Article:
The second part we address is Operations Management. Operations are the heart and soul of any company in any industry. Without operations, there can be no product or service, no customers and definitely no profits. In any company, it is critical for management and leadership to periodically review operational processes and benchmarks aka SOPs (Standard Operating Procedures) in order to find ways to potentially cut costs. Firms must also trim wastages, curtail unnecessary costs, determine options for economically optimum production, instil financial discipline with strict adherence to production and delivery milestones at all levels, avoid prolonged maintenance periods, and be vigilant about breakdown times and wherever excessive, carry out root cause analysis to address the underlying problems reduce breakdown. Furthermore, they must follow approved daily, weekly, and other schedules to achieve economically beneficial production levels and analyse the production and/or supply chain to determine opportunities for cost reduction. Firms that take these steps can expect at least 1% to 2% of cost reduction that can have an amplified effect on its eventual profits.
Finally, we address the third part of our article – Contracts Management. Businesses need to revisit their contract agreements in light of the prevailing circumstances brought about by the COVID 19 crisis. All applicable clauses in every agreement, whether based on standard or bespoke contract formats, require techno-commercial and legal interpretation. If a Force Majeure clause is included in the contract, it must be updated to reflect the realities of the lockdown and lockdown period (56 days as of 18th May 2020 which is likely to be extended , depending on the central Government’s decision). Firms must also verify if the timelines mentioned and agreed in the original contract are likely to be sufficient or if they need to be qualified under the Force Majeure clause. They should also check the clause with regards to impossibility or frustration conditions for qualification. Most contracts qualify the above only after completion of 54 days or 84 days or 140 days from the date of invoking such remedy. Revisit your supply chain clause to establish the days required for the supply side to return to normalcy post lockdown.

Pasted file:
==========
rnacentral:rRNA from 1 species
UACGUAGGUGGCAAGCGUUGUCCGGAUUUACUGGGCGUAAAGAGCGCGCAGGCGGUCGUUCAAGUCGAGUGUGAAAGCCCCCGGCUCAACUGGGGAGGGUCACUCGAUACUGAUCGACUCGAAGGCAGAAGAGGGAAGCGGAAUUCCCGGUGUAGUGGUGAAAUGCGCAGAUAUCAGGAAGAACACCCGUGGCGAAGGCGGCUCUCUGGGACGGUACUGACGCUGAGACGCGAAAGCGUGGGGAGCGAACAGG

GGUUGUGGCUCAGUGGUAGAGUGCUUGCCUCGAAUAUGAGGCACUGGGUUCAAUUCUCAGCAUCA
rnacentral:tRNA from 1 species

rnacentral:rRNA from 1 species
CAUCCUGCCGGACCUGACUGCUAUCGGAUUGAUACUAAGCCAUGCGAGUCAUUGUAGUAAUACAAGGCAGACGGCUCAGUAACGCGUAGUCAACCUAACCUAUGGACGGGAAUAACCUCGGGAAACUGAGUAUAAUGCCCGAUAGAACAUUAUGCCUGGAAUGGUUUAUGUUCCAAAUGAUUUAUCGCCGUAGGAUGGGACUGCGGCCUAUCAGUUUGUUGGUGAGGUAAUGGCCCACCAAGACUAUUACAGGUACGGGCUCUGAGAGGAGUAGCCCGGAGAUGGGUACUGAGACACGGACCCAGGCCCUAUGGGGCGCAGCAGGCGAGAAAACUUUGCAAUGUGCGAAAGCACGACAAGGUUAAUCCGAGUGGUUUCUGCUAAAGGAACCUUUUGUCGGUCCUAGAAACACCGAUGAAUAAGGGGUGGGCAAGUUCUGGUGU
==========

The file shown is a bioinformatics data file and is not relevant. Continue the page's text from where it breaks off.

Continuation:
The Contractor or Employer should revisit the contract and its clauses in detail for techno-commercial and legal interpretation to check commencement and delay clauses, performance and schedule of works clause, variation clauses associated with determination and extension of time with or without cost clause, and dispute resolution clause. The contractor may incur additional banking financial liability due to accumulated or delayed payment of interest with saturated depreciation and maintenance cost due to the COVID19 crisis. His operational costs may also increase, which may lead to a termination of the contract (either by the employer or the contractor himself). Therefore, it is in the best interests of both parties to renegotiate costs and time extensions for completion of performance with suitable, appropriate, and applicable amendments duly signed and stamped.
It is a good idea to follow a thorough Dispute Resolution process by appointing a Dispute Board during pendency of contract. This can help businesses avoid complicated and costly disputes later. If a dispute does arise, it will help them address it without time-consuming or costly delays. In such a case, a good option is to resort to mediation. If a dispute arises, it is better to invoke emergency arbitration and/or a fast track arbitration process to address the disputes quickly and minimal financial impact instead of opting for a long-winded and often expensive judicial course of action.
Prof. Dr. George Yesu Vedha Victor,
International Arbitrator & Emergency Arbitrator Risk, Conflict and Contracts Management